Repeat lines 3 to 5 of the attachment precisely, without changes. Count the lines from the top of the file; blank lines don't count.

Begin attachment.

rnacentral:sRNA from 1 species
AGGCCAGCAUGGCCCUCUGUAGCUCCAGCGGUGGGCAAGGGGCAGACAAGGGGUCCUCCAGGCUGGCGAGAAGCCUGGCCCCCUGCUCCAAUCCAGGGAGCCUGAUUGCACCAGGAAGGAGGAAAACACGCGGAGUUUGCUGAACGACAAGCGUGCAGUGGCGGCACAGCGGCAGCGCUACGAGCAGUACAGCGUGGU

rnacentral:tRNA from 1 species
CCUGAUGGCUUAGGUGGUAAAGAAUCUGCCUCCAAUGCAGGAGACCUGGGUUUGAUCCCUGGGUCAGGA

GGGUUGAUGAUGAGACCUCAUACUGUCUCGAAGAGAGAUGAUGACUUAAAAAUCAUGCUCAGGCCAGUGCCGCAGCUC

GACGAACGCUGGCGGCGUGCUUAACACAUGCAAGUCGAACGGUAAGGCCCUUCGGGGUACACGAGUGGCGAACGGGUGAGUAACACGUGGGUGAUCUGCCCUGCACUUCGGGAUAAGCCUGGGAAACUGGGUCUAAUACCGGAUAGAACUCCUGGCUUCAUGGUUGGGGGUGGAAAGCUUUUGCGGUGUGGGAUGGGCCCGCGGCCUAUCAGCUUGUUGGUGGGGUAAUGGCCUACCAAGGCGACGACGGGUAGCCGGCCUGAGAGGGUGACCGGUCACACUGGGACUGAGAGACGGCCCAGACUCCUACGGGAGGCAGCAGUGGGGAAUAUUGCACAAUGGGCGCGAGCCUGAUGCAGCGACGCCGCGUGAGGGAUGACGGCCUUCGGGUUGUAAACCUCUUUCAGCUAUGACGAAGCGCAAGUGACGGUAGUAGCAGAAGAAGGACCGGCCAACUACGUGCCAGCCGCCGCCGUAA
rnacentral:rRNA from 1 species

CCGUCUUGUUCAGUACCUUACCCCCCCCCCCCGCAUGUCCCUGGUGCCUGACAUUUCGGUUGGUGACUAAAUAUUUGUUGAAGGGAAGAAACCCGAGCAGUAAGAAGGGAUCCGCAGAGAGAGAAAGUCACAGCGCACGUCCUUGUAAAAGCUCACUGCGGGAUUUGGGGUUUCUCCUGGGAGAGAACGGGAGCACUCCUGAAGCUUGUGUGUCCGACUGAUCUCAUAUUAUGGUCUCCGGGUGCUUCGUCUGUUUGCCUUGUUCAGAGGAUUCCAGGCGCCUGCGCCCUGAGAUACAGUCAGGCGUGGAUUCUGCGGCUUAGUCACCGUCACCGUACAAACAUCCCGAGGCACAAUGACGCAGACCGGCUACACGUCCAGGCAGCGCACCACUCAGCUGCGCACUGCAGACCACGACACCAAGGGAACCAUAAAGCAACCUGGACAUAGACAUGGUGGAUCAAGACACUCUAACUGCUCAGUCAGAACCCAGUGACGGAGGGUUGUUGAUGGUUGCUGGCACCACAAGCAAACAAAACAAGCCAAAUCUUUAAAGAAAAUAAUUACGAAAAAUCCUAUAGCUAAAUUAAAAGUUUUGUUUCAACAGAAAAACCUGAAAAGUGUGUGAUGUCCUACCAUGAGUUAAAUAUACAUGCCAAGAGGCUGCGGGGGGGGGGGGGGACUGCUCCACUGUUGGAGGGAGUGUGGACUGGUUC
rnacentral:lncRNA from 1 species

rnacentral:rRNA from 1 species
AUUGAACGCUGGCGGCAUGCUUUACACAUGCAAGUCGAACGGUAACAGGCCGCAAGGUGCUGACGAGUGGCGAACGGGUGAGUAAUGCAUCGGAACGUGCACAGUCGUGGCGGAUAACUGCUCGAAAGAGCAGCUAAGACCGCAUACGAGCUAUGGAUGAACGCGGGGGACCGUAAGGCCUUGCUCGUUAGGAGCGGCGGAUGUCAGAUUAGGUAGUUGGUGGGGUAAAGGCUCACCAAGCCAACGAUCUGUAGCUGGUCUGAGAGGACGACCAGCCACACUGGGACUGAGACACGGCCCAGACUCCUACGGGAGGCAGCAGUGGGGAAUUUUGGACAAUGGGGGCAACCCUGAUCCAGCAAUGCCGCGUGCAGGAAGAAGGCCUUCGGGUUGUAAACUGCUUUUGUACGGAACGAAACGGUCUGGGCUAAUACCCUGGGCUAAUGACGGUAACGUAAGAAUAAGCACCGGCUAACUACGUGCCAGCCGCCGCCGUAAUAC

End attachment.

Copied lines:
rnacentral:tRNA from 1 species
CCUGAUGGCUUAGGUGGUAAAGAAUCUGCCUCCAAUGCAGGAGACCUGGGUUUGAUCCCUGGGUCAGGA

GGGUUGAUGAUGAGACCUCAUACUGUCUCGAAGAGAGAUGAUGACUUAAAAAUCAUGCUCAGGCCAGUGCCGCAGCUC